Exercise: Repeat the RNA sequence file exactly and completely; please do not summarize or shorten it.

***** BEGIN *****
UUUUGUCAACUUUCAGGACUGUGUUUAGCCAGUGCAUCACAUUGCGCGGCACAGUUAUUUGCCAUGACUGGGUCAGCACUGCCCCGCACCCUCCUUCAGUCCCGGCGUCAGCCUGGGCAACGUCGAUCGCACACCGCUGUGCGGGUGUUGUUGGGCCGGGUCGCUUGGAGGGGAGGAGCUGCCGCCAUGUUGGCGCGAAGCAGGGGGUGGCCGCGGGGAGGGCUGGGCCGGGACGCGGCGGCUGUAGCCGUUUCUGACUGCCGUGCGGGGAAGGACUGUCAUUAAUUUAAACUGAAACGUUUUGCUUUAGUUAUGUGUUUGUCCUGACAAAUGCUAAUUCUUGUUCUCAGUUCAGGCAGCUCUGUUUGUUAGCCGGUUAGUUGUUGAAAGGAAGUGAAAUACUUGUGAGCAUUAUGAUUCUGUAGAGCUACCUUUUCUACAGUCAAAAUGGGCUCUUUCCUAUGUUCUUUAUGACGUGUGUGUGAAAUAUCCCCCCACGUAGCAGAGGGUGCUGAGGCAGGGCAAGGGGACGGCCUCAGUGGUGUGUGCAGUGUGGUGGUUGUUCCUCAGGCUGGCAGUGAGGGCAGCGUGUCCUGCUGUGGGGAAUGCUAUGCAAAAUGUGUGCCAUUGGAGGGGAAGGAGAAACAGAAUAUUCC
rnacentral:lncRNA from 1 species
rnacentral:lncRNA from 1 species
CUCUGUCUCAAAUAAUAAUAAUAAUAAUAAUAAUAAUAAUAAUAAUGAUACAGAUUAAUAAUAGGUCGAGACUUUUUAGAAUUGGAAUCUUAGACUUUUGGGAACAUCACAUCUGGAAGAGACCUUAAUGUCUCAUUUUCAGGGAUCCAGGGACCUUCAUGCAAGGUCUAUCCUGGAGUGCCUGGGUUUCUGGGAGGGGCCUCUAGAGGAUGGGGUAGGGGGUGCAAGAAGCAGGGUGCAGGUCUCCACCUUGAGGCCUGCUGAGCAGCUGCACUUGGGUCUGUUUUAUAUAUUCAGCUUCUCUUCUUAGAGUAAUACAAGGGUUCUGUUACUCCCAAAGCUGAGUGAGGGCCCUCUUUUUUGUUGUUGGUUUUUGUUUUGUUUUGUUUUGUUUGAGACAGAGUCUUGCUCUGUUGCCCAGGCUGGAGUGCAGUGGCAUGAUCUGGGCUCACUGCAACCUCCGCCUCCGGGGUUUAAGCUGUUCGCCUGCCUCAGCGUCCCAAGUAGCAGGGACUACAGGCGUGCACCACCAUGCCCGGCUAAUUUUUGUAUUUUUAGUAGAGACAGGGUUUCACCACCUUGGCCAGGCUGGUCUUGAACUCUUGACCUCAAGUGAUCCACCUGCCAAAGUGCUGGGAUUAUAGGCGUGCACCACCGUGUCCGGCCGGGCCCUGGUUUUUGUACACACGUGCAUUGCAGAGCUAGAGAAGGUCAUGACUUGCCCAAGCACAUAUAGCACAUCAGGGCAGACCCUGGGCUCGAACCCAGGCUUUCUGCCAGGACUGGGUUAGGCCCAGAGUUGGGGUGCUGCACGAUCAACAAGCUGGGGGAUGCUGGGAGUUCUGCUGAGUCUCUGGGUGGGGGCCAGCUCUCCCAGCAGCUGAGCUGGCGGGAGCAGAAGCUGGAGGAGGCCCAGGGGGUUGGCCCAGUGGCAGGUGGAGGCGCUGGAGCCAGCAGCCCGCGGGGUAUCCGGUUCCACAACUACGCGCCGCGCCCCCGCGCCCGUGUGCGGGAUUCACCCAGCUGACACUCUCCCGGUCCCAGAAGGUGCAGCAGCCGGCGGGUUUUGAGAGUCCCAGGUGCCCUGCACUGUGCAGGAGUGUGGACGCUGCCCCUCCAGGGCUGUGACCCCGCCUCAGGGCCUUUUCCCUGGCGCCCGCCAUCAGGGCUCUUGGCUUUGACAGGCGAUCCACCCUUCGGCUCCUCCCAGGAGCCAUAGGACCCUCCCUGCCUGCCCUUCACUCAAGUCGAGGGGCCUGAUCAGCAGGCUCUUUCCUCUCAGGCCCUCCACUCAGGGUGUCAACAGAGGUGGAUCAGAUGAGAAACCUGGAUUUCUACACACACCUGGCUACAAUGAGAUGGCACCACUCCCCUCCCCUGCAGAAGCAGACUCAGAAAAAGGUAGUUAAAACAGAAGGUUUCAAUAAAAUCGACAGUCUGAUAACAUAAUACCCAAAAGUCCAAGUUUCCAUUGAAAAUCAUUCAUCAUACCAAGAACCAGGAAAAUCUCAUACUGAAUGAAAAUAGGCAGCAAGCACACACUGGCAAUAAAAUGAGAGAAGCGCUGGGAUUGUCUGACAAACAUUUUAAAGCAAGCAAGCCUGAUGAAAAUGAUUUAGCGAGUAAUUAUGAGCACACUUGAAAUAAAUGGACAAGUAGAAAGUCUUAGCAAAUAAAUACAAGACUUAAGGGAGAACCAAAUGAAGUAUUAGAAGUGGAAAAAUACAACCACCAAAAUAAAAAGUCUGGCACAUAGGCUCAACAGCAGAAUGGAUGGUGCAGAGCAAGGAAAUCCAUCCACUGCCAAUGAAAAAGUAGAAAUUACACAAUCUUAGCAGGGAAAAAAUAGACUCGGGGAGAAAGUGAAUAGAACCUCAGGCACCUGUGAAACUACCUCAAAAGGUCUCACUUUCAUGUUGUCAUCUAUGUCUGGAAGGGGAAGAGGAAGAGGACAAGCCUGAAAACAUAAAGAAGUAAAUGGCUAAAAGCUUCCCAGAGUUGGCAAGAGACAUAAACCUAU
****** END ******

UUUUGUCAACUUUCAGGACUGUGUUUAGCCAGUGCAUCACAUUGCGCGGCACAGUUAUUUGCCAUGACUGGGUCAGCACUGCCCCGCACCCUCCUUCAGUCCCGGCGUCAGCCUGGGCAACGUCGAUCGCACACCGCUGUGCGGGUGUUGUUGGGCCGGGUCGCUUGGAGGGGAGGAGCUGCCGCCAUGUUGGCGCGAAGCAGGGGGUGGCCGCGGGGAGGGCUGGGCCGGGACGCGGCGGCUGUAGCCGUUUCUGACUGCCGUGCGGGGAAGGACUGUCAUUAAUUUAAACUGAAACGUUUUGCUUUAGUUAUGUGUUUGUCCUGACAAAUGCUAAUUCUUGUUCUCAGUUCAGGCAGCUCUGUUUGUUAGCCGGUUAGUUGUUGAAAGGAAGUGAAAUACUUGUGAGCAUUAUGAUUCUGUAGAGCUACCUUUUCUACAGUCAAAAUGGGCUCUUUCCUAUGUUCUUUAUGACGUGUGUGUGAAAUAUCCCCCCACGUAGCAGAGGGUGCUGAGGCAGGGCAAGGGGACGGCCUCAGUGGUGUGUGCAGUGUGGUGGUUGUUCCUCAGGCUGGCAGUGAGGGCAGCGUGUCCUGCUGUGGGGAAUGCUAUGCAAAAUGUGUGCCAUUGGAGGGGAAGGAGAAACAGAAUAUUCC
rnacentral:lncRNA from 1 species
rnacentral:lncRNA from 1 species
CUCUGUCUCAAAUAAUAAUAAUAAUAAUAAUAAUAAUAAUAAUAAUGAUACAGAUUAAUAAUAGGUCGAGACUUUUUAGAAUUGGAAUCUUAGACUUUUGGGAACAUCACAUCUGGAAGAGACCUUAAUGUCUCAUUUUCAGGGAUCCAGGGACCUUCAUGCAAGGUCUAUCCUGGAGUGCCUGGGUUUCUGGGAGGGGCCUCUAGAGGAUGGGGUAGGGGGUGCAAGAAGCAGGGUGCAGGUCUCCACCUUGAGGCCUGCUGAGCAGCUGCACUUGGGUCUGUUUUAUAUAUUCAGCUUCUCUUCUUAGAGUAAUACAAGGGUUCUGUUACUCCCAAAGCUGAGUGAGGGCCCUCUUUUUUGUUGUUGGUUUUUGUUUUGUUUUGUUUUGUUUGAGACAGAGUCUUGCUCUGUUGCCCAGGCUGGAGUGCAGUGGCAUGAUCUGGGCUCACUGCAACCUCCGCCUCCGGGGUUUAAGCUGUUCGCCUGCCUCAGCGUCCCAAGUAGCAGGGACUACAGGCGUGCACCACCAUGCCCGGCUAAUUUUUGUAUUUUUAGUAGAGACAGGGUUUCACCACCUUGGCCAGGCUGGUCUUGAACUCUUGACCUCAAGUGAUCCACCUGCCAAAGUGCUGGGAUUAUAGGCGUGCACCACCGUGUCCGGCCGGGCCCUGGUUUUUGUACACACGUGCAUUGCAGAGCUAGAGAAGGUCAUGACUUGCCCAAGCACAUAUAGCACAUCAGGGCAGACCCUGGGCUCGAACCCAGGCUUUCUGCCAGGACUGGGUUAGGCCCAGAGUUGGGGUGCUGCACGAUCAACAAGCUGGGGGAUGCUGGGAGUUCUGCUGAGUCUCUGGGUGGGGGCCAGCUCUCCCAGCAGCUGAGCUGGCGGGAGCAGAAGCUGGAGGAGGCCCAGGGGGUUGGCCCAGUGGCAGGUGGAGGCGCUGGAGCCAGCAGCCCGCGGGGUAUCCGGUUCCACAACUACGCGCCGCGCCCCCGCGCCCGUGUGCGGGAUUCACCCAGCUGACACUCUCCCGGUCCCAGAAGGUGCAGCAGCCGGCGGGUUUUGAGAGUCCCAGGUGCCCUGCACUGUGCAGGAGUGUGGACGCUGCCCCUCCAGGGCUGUGACCCCGCCUCAGGGCCUUUUCCCUGGCGCCCGCCAUCAGGGCUCUUGGCUUUGACAGGCGAUCCACCCUUCGGCUCCUCCCAGGAGCCAUAGGACCCUCCCUGCCUGCCCUUCACUCAAGUCGAGGGGCCUGAUCAGCAGGCUCUUUCCUCUCAGGCCCUCCACUCAGGGUGUCAACAGAGGUGGAUCAGAUGAGAAACCUGGAUUUCUACACACACCUGGCUACAAUGAGAUGGCACCACUCCCCUCCCCUGCAGAAGCAGACUCAGAAAAAGGUAGUUAAAACAGAAGGUUUCAAUAAAAUCGACAGUCUGAUAACAUAAUACCCAAAAGUCCAAGUUUCCAUUGAAAAUCAUUCAUCAUACCAAGAACCAGGAAAAUCUCAUACUGAAUGAAAAUAGGCAGCAAGCACACACUGGCAAUAAAAUGAGAGAAGCGCUGGGAUUGUCUGACAAACAUUUUAAAGCAAGCAAGCCUGAUGAAAAUGAUUUAGCGAGUAAUUAUGAGCACACUUGAAAUAAAUGGACAAGUAGAAAGUCUUAGCAAAUAAAUACAAGACUUAAGGGAGAACCAAAUGAAGUAUUAGAAGUGGAAAAAUACAACCACCAAAAUAAAAAGUCUGGCACAUAGGCUCAACAGCAGAAUGGAUGGUGCAGAGCAAGGAAAUCCAUCCACUGCCAAUGAAAAAGUAGAAAUUACACAAUCUUAGCAGGGAAAAAAUAGACUCGGGGAGAAAGUGAAUAGAACCUCAGGCACCUGUGAAACUACCUCAAAAGGUCUCACUUUCAUGUUGUCAUCUAUGUCUGGAAGGGGAAGAGGAAGAGGACAAGCCUGAAAACAUAAAGAAGUAAAUGGCUAAAAGCUUCCCAGAGUUGGCAAGAGACAUAAACCUAU